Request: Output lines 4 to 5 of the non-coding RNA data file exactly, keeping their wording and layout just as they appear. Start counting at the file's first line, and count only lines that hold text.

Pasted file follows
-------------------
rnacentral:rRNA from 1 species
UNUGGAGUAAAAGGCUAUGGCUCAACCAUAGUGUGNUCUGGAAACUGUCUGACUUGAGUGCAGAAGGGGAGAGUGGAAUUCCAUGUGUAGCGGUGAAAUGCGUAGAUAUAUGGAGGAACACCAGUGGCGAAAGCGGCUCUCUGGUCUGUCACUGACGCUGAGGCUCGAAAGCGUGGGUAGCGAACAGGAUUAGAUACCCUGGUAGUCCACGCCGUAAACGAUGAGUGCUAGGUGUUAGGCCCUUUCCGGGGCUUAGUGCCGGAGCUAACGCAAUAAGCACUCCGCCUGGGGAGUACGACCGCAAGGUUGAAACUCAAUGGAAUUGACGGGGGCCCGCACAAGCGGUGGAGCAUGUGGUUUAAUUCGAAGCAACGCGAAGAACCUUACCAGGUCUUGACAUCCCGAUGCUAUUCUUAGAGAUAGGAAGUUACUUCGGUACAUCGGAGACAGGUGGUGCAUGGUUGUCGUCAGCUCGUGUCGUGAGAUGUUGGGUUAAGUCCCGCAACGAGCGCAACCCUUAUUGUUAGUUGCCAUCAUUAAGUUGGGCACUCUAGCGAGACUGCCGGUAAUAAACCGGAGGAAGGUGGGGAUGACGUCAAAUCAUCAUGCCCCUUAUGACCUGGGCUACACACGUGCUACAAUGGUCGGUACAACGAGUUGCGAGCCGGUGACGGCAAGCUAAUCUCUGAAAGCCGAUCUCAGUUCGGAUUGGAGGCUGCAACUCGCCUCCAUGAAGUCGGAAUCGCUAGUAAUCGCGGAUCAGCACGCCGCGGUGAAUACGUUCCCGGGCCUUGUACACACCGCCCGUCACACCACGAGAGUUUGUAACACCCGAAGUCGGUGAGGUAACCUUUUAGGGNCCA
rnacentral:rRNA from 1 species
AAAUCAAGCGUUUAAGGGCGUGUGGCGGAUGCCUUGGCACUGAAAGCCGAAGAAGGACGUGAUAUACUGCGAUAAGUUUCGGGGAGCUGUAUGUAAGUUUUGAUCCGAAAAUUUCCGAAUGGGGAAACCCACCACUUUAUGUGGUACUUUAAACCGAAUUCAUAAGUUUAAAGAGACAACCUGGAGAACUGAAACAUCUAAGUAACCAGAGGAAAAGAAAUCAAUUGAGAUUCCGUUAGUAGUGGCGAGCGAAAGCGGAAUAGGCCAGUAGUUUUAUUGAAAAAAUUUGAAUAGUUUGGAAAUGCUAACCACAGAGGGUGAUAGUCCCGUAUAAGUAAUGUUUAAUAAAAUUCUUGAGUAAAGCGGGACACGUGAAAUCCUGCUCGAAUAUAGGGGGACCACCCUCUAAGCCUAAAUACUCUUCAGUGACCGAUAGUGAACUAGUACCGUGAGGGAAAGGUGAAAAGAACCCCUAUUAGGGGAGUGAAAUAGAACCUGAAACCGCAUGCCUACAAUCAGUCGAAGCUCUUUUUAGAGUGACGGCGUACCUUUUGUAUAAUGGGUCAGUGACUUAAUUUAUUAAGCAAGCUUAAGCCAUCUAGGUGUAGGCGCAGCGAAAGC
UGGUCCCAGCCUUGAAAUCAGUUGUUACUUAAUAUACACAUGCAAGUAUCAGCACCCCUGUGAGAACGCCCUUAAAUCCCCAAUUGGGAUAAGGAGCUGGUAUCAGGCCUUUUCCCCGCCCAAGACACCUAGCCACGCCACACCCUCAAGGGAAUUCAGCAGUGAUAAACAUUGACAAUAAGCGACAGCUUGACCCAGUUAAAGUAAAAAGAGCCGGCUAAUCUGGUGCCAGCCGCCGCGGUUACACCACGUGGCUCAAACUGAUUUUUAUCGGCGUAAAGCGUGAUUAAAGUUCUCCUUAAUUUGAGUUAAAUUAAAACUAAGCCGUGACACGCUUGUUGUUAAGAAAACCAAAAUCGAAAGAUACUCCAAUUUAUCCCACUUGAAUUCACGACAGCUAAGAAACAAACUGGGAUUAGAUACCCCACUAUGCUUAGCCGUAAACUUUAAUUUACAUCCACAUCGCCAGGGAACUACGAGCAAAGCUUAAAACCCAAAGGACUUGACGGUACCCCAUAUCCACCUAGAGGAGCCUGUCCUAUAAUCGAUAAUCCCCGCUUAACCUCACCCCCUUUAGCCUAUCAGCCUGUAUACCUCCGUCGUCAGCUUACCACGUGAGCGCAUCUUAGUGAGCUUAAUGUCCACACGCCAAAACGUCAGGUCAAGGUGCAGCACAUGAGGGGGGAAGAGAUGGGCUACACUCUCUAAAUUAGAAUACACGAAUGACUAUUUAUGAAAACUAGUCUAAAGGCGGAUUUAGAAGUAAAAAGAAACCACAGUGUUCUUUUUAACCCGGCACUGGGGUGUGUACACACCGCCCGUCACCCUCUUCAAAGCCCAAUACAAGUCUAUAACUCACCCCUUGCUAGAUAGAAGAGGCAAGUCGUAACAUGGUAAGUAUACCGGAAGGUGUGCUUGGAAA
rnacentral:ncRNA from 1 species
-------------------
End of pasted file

AAAUCAAGCGUUUAAGGGCGUGUGGCGGAUGCCUUGGCACUGAAAGCCGAAGAAGGACGUGAUAUACUGCGAUAAGUUUCGGGGAGCUGUAUGUAAGUUUUGAUCCGAAAAUUUCCGAAUGGGGAAACCCACCACUUUAUGUGGUACUUUAAACCGAAUUCAUAAGUUUAAAGAGACAACCUGGAGAACUGAAACAUCUAAGUAACCAGAGGAAAAGAAAUCAAUUGAGAUUCCGUUAGUAGUGGCGAGCGAAAGCGGAAUAGGCCAGUAGUUUUAUUGAAAAAAUUUGAAUAGUUUGGAAAUGCUAACCACAGAGGGUGAUAGUCCCGUAUAAGUAAUGUUUAAUAAAAUUCUUGAGUAAAGCGGGACACGUGAAAUCCUGCUCGAAUAUAGGGGGACCACCCUCUAAGCCUAAAUACUCUUCAGUGACCGAUAGUGAACUAGUACCGUGAGGGAAAGGUGAAAAGAACCCCUAUUAGGGGAGUGAAAUAGAACCUGAAACCGCAUGCCUACAAUCAGUCGAAGCUCUUUUUAGAGUGACGGCGUACCUUUUGUAUAAUGGGUCAGUGACUUAAUUUAUUAAGCAAGCUUAAGCCAUCUAGGUGUAGGCGCAGCGAAAGC
UGGUCCCAGCCUUGAAAUCAGUUGUUACUUAAUAUACACAUGCAAGUAUCAGCACCCCUGUGAGAACGCCCUUAAAUCCCCAAUUGGGAUAAGGAGCUGGUAUCAGGCCUUUUCCCCGCCCAAGACACCUAGCCACGCCACACCCUCAAGGGAAUUCAGCAGUGAUAAACAUUGACAAUAAGCGACAGCUUGACCCAGUUAAAGUAAAAAGAGCCGGCUAAUCUGGUGCCAGCCGCCGCGGUUACACCACGUGGCUCAAACUGAUUUUUAUCGGCGUAAAGCGUGAUUAAAGUUCUCCUUAAUUUGAGUUAAAUUAAAACUAAGCCGUGACACGCUUGUUGUUAAGAAAACCAAAAUCGAAAGAUACUCCAAUUUAUCCCACUUGAAUUCACGACAGCUAAGAAACAAACUGGGAUUAGAUACCCCACUAUGCUUAGCCGUAAACUUUAAUUUACAUCCACAUCGCCAGGGAACUACGAGCAAAGCUUAAAACCCAAAGGACUUGACGGUACCCCAUAUCCACCUAGAGGAGCCUGUCCUAUAAUCGAUAAUCCCCGCUUAACCUCACCCCCUUUAGCCUAUCAGCCUGUAUACCUCCGUCGUCAGCUUACCACGUGAGCGCAUCUUAGUGAGCUUAAUGUCCACACGCCAAAACGUCAGGUCAAGGUGCAGCACAUGAGGGGGGAAGAGAUGGGCUACACUCUCUAAAUUAGAAUACACGAAUGACUAUUUAUGAAAACUAGUCUAAAGGCGGAUUUAGAAGUAAAAAGAAACCACAGUGUUCUUUUUAACCCGGCACUGGGGUGUGUACACACCGCCCGUCACCCUCUUCAAAGCCCAAUACAAGUCUAUAACUCACCCCUUGCUAGAUAGAAGAGGCAAGUCGUAACAUGGUAAGUAUACCGGAAGGUGUGCUUGGAAA